For each glacier, the monthly temperature and precipitation time series are extracted from the nearest CRU CL v2.0 grid point and then converted to the local temperature according to a temperature gradient (default: 6.5 K km−1). No vertical gradient is applied to precipitation, but we apply a correction factor pf=2.5 to the original CRU time series (similar to Marzeion et al.2012b). This correction factor can be seen as a global correction for orographic precipitation, avalanches, and wind-blown snow. It must be noted that this factor has little (if any) impact on the mass-balance model performance in terms of bias. This is due to the automated calibration algorithm, which will adapt to a new factor by acting on the temperature sensitivity μ*. To verify that the chosen precipitation factor is realistic, we use another metric – the standard deviation of the mass-balance time series. Comparisons between model and observations show that the model underestimates variability by about 10 %. We could tune the precipitation factor towards higher values to reduce this discrepancy but refrain to do so, as we do not want to add an additional free parameter in the model.

Appendix B: WGMS glaciers
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To calibrate and validate the mass-balance model, OGGM relies on mass-balance observations provided by the World Glacier Monitoring Service (WGMS2017). The Fluctuations of Glaciers (FoG) database contains annual mass-balance values for several hundreds of glaciers worldwide. We exclude water-terminating glaciers and the time series with less than 5 years of data. Not all of the remaining glaciers can be used by OGGM; we also need a corresponding RGI outline. Indeed, the WGMS and RGI databases have distinct glacier identifiers and it is not guaranteed that the glacier outline provided by the RGI fits the outline used by the local data providers to compute the specific mass balance. Since 2017, the WGMS has provided a lookup table linking the two databases. We updated this list for version 6 of the RGI, leaving us with 254 mass-balance time series.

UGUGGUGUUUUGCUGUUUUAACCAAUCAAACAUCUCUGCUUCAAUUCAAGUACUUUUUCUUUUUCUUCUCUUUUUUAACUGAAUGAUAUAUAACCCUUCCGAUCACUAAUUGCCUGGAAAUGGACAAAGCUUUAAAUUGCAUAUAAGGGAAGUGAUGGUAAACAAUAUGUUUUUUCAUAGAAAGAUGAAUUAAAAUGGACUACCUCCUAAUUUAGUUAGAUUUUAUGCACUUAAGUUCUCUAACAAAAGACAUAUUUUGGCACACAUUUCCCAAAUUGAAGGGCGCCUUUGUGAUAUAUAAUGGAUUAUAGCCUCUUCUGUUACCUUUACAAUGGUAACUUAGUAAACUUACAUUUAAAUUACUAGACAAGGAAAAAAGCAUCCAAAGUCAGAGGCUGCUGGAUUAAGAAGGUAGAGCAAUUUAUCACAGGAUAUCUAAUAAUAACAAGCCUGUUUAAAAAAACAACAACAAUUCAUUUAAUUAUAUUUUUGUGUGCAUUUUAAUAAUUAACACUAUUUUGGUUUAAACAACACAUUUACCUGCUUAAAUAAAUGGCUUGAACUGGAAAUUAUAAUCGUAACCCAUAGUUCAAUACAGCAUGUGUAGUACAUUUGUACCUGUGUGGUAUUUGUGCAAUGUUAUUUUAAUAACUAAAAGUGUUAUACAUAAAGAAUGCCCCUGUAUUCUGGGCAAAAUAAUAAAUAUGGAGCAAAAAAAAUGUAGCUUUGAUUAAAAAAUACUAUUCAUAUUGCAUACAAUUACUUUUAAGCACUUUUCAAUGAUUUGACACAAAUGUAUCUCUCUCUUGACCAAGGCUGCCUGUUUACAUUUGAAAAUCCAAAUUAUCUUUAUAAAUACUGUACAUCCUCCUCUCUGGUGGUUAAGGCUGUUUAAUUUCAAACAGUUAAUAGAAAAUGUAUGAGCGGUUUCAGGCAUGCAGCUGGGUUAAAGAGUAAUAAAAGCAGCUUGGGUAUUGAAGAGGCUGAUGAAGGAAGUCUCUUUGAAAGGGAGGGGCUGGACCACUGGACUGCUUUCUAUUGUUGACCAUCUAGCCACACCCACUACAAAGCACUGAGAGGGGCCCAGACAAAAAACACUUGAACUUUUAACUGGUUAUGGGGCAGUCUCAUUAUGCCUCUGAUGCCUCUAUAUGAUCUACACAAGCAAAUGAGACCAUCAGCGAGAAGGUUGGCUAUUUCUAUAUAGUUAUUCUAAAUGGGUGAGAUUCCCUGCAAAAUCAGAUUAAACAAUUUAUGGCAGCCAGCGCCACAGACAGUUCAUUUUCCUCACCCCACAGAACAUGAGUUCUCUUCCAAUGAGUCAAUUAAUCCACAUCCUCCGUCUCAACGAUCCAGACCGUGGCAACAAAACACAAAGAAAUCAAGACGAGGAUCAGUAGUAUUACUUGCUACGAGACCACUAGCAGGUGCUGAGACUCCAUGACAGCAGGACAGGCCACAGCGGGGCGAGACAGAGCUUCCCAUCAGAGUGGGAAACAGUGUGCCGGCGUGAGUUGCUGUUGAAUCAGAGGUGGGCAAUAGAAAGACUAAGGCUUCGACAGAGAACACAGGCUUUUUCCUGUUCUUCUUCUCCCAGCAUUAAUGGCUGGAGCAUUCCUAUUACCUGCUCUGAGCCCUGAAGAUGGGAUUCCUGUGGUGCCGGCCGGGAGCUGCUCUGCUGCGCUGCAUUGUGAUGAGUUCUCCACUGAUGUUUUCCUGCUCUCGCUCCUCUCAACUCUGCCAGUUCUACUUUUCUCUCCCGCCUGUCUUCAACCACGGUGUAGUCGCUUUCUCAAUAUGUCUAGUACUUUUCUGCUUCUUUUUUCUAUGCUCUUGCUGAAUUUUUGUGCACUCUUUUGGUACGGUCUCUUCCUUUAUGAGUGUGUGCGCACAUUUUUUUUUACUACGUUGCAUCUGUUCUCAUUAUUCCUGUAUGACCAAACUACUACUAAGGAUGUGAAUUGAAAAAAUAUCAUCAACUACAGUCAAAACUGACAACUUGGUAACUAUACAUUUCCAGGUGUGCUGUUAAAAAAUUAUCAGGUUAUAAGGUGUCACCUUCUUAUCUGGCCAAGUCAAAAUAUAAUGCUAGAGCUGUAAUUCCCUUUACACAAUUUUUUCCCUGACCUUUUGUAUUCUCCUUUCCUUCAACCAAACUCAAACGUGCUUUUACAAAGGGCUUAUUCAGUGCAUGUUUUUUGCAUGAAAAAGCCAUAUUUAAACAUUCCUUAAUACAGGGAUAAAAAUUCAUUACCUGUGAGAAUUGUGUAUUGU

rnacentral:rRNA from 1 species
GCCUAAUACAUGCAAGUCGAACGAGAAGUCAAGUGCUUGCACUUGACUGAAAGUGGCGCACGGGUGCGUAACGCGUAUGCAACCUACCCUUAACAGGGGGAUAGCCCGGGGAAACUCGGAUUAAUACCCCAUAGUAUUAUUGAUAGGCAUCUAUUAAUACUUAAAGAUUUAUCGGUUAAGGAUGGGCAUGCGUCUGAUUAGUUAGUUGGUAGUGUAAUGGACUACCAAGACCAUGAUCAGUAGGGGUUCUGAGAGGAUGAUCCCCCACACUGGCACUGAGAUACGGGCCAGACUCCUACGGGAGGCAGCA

These data are not equally distributed over the glaciated regions (see e.g., Zemp et al.2015, and Fig. C1), and their quality is highly variable. In the absence of a better data basis (at least for the 20th century), we have to rely on them for the calibration and validation of our model. Fortunately, these data play a relatively minor role in the model calibration as explained in Sect. 3.3. For future studies it might be advisable to use independent, regional geodetic mass-balance estimates for validation as well.

Appendix C: RGI Regions
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A map of the RGI regions and some basic statistics are presented in Fig. C1.

Figure C1(a) Map of the RGI regions: the red dots indicate the glacier locations and the blue circles the location of the 254 reference WGMS glaciers used by the OGGM calibration. (b) Region names and basic statistics of the database (number of glaciers per region, regional contribution to the global area in percent, and the percentage of the regional area which cannot be modeled by OGGM).